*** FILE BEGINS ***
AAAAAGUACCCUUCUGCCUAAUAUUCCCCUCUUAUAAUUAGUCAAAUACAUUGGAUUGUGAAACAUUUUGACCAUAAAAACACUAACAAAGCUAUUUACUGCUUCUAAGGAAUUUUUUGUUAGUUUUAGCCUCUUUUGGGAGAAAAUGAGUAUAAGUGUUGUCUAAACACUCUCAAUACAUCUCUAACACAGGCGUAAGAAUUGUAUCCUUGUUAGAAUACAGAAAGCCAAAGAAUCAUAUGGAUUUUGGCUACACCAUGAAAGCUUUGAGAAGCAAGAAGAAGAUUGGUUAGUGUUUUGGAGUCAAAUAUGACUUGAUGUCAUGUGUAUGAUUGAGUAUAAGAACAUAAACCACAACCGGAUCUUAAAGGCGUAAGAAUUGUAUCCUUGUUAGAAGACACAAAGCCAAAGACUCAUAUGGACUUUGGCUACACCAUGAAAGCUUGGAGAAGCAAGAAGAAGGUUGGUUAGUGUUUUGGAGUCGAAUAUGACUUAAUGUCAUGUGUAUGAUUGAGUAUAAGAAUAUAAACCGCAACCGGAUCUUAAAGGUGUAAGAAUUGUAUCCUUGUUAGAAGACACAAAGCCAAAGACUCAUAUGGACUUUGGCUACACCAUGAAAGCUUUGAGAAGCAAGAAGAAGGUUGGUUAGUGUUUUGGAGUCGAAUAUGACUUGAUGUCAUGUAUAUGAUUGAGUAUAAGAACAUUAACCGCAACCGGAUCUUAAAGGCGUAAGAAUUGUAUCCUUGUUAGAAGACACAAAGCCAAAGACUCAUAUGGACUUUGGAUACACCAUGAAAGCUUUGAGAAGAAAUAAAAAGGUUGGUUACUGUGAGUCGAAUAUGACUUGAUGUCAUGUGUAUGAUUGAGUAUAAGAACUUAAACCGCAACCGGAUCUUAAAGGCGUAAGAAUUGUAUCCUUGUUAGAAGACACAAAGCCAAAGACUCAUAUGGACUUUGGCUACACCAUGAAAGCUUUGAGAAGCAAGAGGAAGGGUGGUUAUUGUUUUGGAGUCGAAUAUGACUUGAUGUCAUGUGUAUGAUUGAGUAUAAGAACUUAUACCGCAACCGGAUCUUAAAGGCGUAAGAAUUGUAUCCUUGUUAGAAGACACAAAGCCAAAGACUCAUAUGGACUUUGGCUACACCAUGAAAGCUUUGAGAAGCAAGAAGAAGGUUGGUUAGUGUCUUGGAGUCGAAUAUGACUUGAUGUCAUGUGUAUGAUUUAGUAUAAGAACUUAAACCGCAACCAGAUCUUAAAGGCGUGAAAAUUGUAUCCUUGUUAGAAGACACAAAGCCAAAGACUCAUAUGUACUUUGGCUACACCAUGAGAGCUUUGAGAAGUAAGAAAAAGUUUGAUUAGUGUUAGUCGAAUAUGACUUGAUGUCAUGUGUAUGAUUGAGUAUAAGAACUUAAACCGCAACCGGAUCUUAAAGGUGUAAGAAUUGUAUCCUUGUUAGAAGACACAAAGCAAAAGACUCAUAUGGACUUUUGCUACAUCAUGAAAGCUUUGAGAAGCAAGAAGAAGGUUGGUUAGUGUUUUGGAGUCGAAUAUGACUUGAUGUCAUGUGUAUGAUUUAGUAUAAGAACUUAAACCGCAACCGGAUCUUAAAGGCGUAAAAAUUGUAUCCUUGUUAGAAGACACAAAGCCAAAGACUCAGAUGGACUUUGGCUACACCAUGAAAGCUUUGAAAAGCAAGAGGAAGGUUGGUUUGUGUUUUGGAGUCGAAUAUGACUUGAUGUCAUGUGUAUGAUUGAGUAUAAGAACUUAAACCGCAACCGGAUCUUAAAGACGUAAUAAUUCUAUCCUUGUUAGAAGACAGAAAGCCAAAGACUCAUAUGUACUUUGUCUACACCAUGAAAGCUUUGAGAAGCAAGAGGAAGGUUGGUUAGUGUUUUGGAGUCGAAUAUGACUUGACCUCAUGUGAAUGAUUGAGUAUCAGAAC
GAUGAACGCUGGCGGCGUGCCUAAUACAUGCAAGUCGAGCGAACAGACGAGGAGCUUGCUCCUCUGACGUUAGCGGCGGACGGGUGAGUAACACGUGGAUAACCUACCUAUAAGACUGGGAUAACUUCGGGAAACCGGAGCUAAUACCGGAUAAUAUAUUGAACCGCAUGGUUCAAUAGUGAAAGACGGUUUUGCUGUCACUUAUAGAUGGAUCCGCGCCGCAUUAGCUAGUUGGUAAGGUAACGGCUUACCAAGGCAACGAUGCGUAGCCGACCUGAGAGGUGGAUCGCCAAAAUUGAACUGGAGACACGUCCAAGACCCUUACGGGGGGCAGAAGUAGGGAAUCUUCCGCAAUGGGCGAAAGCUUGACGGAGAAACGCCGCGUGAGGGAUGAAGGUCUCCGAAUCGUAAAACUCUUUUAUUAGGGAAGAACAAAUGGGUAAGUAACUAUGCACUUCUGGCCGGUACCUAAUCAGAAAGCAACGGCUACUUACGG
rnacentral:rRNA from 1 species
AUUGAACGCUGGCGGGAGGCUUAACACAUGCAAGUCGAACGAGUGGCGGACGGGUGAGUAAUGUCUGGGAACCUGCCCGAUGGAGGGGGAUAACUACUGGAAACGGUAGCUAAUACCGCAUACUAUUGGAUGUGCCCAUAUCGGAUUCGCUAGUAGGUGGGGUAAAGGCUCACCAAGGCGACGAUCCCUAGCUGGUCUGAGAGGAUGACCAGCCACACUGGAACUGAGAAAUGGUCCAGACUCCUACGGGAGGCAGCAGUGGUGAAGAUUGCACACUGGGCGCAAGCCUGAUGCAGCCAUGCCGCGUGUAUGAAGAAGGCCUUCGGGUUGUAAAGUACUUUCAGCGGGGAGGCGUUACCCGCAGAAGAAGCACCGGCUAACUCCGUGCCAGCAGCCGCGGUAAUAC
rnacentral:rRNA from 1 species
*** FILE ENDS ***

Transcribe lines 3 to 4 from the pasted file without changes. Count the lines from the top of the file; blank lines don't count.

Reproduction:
rnacentral:rRNA from 1 species
AUUGAACGCUGGCGGGAGGCUUAACACAUGCAAGUCGAACGAGUGGCGGACGGGUGAGUAAUGUCUGGGAACCUGCCCGAUGGAGGGGGAUAACUACUGGAAACGGUAGCUAAUACCGCAUACUAUUGGAUGUGCCCAUAUCGGAUUCGCUAGUAGGUGGGGUAAAGGCUCACCAAGGCGACGAUCCCUAGCUGGUCUGAGAGGAUGACCAGCCACACUGGAACUGAGAAAUGGUCCAGACUCCUACGGGAGGCAGCAGUGGUGAAGAUUGCACACUGGGCGCAAGCCUGAUGCAGCCAUGCCGCGUGUAUGAAGAAGGCCUUCGGGUUGUAAAGUACUUUCAGCGGGGAGGCGUUACCCGCAGAAGAAGCACCGGCUAACUCCGUGCCAGCAGCCGCGGUAAUAC